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SA Lifestyle Community

Winter the bleakest time for the homeless

  • CommunityWinterAppeal
Supporting the poor and homeless is important throughout the year, but never more so than in winter.
by OWN CORRESPONDENT | May 30, 2019

You may have a home with heating, thick duvets to snuggle up to, and a hot, home-cooked meal on a cold winter’s night. However, those sleeping on the streets, or who are too poor to feed their families, don’t have the same luxury.

The reasons for homelessness and poverty vary as widely as the individuals who find themselves without shelter or resources. Among them are illness, injury, business failure, loss of a job, chemical addiction, mental illness, or a falling out with family members.

According to the Western Cape government, there are about 4 862 homeless people in the greater Cape Town area, an estimated 700 of which live in the central business district (CBD).

Kerry Hoffman, the director of non-profit organisation Souper Troopers, says, “Making a difference can be overwhelming for some people. Campaigns like this winter appeal allow everyone to do so.”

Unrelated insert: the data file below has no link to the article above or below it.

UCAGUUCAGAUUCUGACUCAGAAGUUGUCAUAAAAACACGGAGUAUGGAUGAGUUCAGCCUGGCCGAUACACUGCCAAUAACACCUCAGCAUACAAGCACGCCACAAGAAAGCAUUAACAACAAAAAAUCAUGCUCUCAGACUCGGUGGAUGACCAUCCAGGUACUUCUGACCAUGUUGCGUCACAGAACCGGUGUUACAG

The winter appeal is also calling for donations of kosher non-perishable and canned foods for vulnerable members of the Cape Town Jewish community who rely on the Jewish Community Services Food Bank for food.

“We are fortunate that Jewish Community Services has a food bank providing dry kosher food to ensure that there are as few hungry people in our community as possible. Because it relies solely on donations, we appeal to people to add an extra can of food to their grocery trollies, and help keep tummies full this winter.”

The winter campaign is supported by the Cape Town Central City Improvement District (CCID), which works with several government partners to improve the lives of street people in the CBD. Says Pat Eddy, the manager of the CCID’s social development department, “The campaign gives people an opportunity to show that they care about the lives of those who are less fortunate, especially during the winter months when life on the street is very hard. Making a contribution, however small, goes a long way to support the dignity of the homeless.”

  • Donated goods can be dropped off at the Cape South African Jewish Board of Deputies, 87 Hatfield Street, Gardens, or the Union of Jewish Women, 7 Albany Road, Sea Point.

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